Where does your 'shit' go? 66% of Nairobi human waste unaccounted for

People walk near open sewers in the Kibera slum of Kenya's capital Nairobi February 26, 2015. /REUTERS
People walk near open sewers in the Kibera slum of Kenya's capital Nairobi February 26, 2015. /REUTERS

Nairobi City Water and Sewerage Company cannot account for the disposal of over 66 percent of human waste.

This was reported on Wednesday as Water, Sanitation and Hygiene (WASH) experts from the private sector and the government unveiled a ‘Shit Flow Diagram” (SFD), a map that depicts the flow of fecal waste in Nairobi.

The diagram shows that 66 per cent of fecal waste generated is left untreated, posing serious risks to the environment and public health.

Speaking during the launch,

Nairobi Water

acting Technical Director Lucy Njambi said there was little documentation on sanitation and acknowledged a major challenge in human waste disposal.

The official reported that only 100,000 cubic litres of human waste gets to the Ruai treatment plant daily and that the county cannot account for over 400,000 cubic litres.

"The plant receives a very small percentage of waste despite the pumping of more than 500,000 litres of water daily," she said.

“We do not know how much goes to septic tanks, conservatories and pit latrines and we do not know where it is getting lost - whether through overflowing and use of pit latrines,” she added.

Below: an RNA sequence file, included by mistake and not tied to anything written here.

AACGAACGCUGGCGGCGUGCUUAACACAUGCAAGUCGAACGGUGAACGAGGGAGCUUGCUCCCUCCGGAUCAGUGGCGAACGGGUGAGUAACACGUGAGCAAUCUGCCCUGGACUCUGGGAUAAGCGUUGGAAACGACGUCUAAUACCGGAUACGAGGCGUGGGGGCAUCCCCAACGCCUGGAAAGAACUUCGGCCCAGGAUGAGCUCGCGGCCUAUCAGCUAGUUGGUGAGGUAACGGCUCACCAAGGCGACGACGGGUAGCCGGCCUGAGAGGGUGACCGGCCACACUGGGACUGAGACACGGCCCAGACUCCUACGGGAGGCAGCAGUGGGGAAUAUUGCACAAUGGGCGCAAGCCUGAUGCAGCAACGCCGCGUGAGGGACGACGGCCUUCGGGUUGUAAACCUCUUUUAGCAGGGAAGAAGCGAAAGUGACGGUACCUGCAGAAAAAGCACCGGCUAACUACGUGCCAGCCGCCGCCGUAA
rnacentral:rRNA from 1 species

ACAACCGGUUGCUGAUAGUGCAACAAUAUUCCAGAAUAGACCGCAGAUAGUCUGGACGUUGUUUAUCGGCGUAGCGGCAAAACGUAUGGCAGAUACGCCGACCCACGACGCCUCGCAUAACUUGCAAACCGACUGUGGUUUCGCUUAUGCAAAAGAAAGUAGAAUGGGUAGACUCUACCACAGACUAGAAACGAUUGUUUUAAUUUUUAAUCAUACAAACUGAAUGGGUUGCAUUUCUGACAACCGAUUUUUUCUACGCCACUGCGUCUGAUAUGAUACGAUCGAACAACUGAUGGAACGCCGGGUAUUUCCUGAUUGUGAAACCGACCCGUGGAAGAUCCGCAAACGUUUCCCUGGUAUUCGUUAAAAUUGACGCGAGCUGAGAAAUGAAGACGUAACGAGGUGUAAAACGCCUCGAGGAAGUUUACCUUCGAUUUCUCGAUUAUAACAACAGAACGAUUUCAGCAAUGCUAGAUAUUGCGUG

It was also revealed that only 40 percent of residents are connected to the sewer system. Fifty four percent of these residents make use of different forms of non-sewered sanitation options, with 30 percent of waste emanating from these offerings being poorly handled.

“The remaining six percent still practice Open Defecation (OD),” the report stated.

For improvement, Njambi said the county was working on more sewer coverage due to encroachment mostly in informal areas and by formal housing.

She noted that encroachment has seen manholes pass through people`s houses leading to the inability to flush and unblock the systems.

Trunk sewers that are not in use especially on river banks, the official said, will be reconstructed to serve areas such as Kasarani, Umoja and Eastlands at a cost of Sh9 billion.

She noted that the county has rehabilitated the Kayole sewerage plant with a capacity of 32,000 cubic litres while those in Kahawa West and Karen have a capacity of 5,000 cubic each.

Kepha Ombacho, Director of Public Health at the Ministry of Health, said: “The launch of the Nairobi County Shit Flow Diagram is a step in the right direction. It has given the public and private sector a platform from which to understand the scope of the sanitation challenge.”

Nairobi water director Mario Kainga said more than 500,000 residents lack sanitation services.

He cited lack of funds and proper legal mechanisms to ensure houses get proper sewage disposal.


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